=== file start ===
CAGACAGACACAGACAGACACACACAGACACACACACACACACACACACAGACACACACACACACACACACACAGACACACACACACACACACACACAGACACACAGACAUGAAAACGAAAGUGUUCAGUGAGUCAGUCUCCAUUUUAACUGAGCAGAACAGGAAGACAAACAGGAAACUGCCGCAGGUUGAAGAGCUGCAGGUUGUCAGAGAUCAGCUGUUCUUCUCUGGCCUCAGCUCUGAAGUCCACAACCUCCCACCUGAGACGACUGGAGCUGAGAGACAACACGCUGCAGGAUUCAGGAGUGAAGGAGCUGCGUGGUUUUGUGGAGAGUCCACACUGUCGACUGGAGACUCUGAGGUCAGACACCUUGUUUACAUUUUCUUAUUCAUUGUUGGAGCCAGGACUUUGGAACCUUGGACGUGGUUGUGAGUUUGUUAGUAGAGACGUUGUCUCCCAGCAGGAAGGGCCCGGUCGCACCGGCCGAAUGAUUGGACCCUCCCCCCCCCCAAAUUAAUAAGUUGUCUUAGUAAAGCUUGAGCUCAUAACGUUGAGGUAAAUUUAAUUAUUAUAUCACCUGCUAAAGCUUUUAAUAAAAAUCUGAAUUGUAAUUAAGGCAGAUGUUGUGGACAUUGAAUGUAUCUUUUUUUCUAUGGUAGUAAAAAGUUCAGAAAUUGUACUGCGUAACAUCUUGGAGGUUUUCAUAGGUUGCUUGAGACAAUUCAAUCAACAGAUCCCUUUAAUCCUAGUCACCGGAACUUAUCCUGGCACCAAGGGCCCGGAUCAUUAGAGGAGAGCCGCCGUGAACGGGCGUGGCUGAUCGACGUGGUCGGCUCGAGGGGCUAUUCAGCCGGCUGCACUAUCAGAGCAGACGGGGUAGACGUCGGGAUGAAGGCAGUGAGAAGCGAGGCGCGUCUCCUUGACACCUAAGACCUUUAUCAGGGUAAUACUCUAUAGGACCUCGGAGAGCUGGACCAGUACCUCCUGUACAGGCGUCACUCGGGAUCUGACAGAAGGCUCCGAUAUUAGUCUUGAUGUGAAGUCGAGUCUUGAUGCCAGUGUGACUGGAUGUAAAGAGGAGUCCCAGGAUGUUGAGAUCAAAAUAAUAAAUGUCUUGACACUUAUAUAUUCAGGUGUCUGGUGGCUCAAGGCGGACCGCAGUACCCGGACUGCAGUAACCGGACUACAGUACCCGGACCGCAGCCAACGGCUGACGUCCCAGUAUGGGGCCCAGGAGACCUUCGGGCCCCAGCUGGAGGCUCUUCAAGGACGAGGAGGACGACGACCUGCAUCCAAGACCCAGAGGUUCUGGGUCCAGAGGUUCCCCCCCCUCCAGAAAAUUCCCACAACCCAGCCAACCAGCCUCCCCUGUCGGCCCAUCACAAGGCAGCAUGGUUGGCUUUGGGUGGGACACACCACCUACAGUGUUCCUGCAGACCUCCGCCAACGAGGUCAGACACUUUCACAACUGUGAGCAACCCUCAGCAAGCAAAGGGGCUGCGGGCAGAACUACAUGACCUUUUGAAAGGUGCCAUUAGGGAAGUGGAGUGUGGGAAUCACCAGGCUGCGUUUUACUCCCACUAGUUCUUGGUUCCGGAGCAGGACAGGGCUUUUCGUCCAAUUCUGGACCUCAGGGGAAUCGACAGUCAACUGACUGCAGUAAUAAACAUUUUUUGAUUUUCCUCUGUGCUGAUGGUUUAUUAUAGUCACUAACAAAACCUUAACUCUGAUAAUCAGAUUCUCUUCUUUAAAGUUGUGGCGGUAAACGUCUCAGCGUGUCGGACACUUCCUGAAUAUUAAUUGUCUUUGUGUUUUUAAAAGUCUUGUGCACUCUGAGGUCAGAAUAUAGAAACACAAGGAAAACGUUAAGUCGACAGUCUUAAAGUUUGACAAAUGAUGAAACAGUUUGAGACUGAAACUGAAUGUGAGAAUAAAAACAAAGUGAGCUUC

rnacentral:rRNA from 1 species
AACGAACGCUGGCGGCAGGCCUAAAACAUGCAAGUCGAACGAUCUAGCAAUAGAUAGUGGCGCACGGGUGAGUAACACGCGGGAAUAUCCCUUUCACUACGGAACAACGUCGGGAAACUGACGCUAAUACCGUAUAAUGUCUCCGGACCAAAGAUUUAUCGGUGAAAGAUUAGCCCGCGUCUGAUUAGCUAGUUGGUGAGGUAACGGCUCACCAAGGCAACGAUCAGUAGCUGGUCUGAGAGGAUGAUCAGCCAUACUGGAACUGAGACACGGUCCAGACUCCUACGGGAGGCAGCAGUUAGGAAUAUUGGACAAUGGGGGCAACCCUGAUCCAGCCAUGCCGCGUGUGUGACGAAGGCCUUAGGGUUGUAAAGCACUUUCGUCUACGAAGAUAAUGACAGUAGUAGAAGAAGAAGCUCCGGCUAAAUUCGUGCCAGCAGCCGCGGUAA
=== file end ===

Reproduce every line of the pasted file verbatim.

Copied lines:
CAGACAGACACAGACAGACACACACAGACACACACACACACACACACACAGACACACACACACACACACACACAGACACACACACACACACACACACAGACACACAGACAUGAAAACGAAAGUGUUCAGUGAGUCAGUCUCCAUUUUAACUGAGCAGAACAGGAAGACAAACAGGAAACUGCCGCAGGUUGAAGAGCUGCAGGUUGUCAGAGAUCAGCUGUUCUUCUCUGGCCUCAGCUCUGAAGUCCACAACCUCCCACCUGAGACGACUGGAGCUGAGAGACAACACGCUGCAGGAUUCAGGAGUGAAGGAGCUGCGUGGUUUUGUGGAGAGUCCACACUGUCGACUGGAGACUCUGAGGUCAGACACCUUGUUUACAUUUUCUUAUUCAUUGUUGGAGCCAGGACUUUGGAACCUUGGACGUGGUUGUGAGUUUGUUAGUAGAGACGUUGUCUCCCAGCAGGAAGGGCCCGGUCGCACCGGCCGAAUGAUUGGACCCUCCCCCCCCCCAAAUUAAUAAGUUGUCUUAGUAAAGCUUGAGCUCAUAACGUUGAGGUAAAUUUAAUUAUUAUAUCACCUGCUAAAGCUUUUAAUAAAAAUCUGAAUUGUAAUUAAGGCAGAUGUUGUGGACAUUGAAUGUAUCUUUUUUUCUAUGGUAGUAAAAAGUUCAGAAAUUGUACUGCGUAACAUCUUGGAGGUUUUCAUAGGUUGCUUGAGACAAUUCAAUCAACAGAUCCCUUUAAUCCUAGUCACCGGAACUUAUCCUGGCACCAAGGGCCCGGAUCAUUAGAGGAGAGCCGCCGUGAACGGGCGUGGCUGAUCGACGUGGUCGGCUCGAGGGGCUAUUCAGCCGGCUGCACUAUCAGAGCAGACGGGGUAGACGUCGGGAUGAAGGCAGUGAGAAGCGAGGCGCGUCUCCUUGACACCUAAGACCUUUAUCAGGGUAAUACUCUAUAGGACCUCGGAGAGCUGGACCAGUACCUCCUGUACAGGCGUCACUCGGGAUCUGACAGAAGGCUCCGAUAUUAGUCUUGAUGUGAAGUCGAGUCUUGAUGCCAGUGUGACUGGAUGUAAAGAGGAGUCCCAGGAUGUUGAGAUCAAAAUAAUAAAUGUCUUGACACUUAUAUAUUCAGGUGUCUGGUGGCUCAAGGCGGACCGCAGUACCCGGACUGCAGUAACCGGACUACAGUACCCGGACCGCAGCCAACGGCUGACGUCCCAGUAUGGGGCCCAGGAGACCUUCGGGCCCCAGCUGGAGGCUCUUCAAGGACGAGGAGGACGACGACCUGCAUCCAAGACCCAGAGGUUCUGGGUCCAGAGGUUCCCCCCCCUCCAGAAAAUUCCCACAACCCAGCCAACCAGCCUCCCCUGUCGGCCCAUCACAAGGCAGCAUGGUUGGCUUUGGGUGGGACACACCACCUACAGUGUUCCUGCAGACCUCCGCCAACGAGGUCAGACACUUUCACAACUGUGAGCAACCCUCAGCAAGCAAAGGGGCUGCGGGCAGAACUACAUGACCUUUUGAAAGGUGCCAUUAGGGAAGUGGAGUGUGGGAAUCACCAGGCUGCGUUUUACUCCCACUAGUUCUUGGUUCCGGAGCAGGACAGGGCUUUUCGUCCAAUUCUGGACCUCAGGGGAAUCGACAGUCAACUGACUGCAGUAAUAAACAUUUUUUGAUUUUCCUCUGUGCUGAUGGUUUAUUAUAGUCACUAACAAAACCUUAACUCUGAUAAUCAGAUUCUCUUCUUUAAAGUUGUGGCGGUAAACGUCUCAGCGUGUCGGACACUUCCUGAAUAUUAAUUGUCUUUGUGUUUUUAAAAGUCUUGUGCACUCUGAGGUCAGAAUAUAGAAACACAAGGAAAACGUUAAGUCGACAGUCUUAAAGUUUGACAAAUGAUGAAACAGUUUGAGACUGAAACUGAAUGUGAGAAUAAAAACAAAGUGAGCUUC

rnacentral:rRNA from 1 species
AACGAACGCUGGCGGCAGGCCUAAAACAUGCAAGUCGAACGAUCUAGCAAUAGAUAGUGGCGCACGGGUGAGUAACACGCGGGAAUAUCCCUUUCACUACGGAACAACGUCGGGAAACUGACGCUAAUACCGUAUAAUGUCUCCGGACCAAAGAUUUAUCGGUGAAAGAUUAGCCCGCGUCUGAUUAGCUAGUUGGUGAGGUAACGGCUCACCAAGGCAACGAUCAGUAGCUGGUCUGAGAGGAUGAUCAGCCAUACUGGAACUGAGACACGGUCCAGACUCCUACGGGAGGCAGCAGUUAGGAAUAUUGGACAAUGGGGGCAACCCUGAUCCAGCCAUGCCGCGUGUGUGACGAAGGCCUUAGGGUUGUAAAGCACUUUCGUCUACGAAGAUAAUGACAGUAGUAGAAGAAGAAGCUCCGGCUAAAUUCGUGCCAGCAGCCGCGGUAA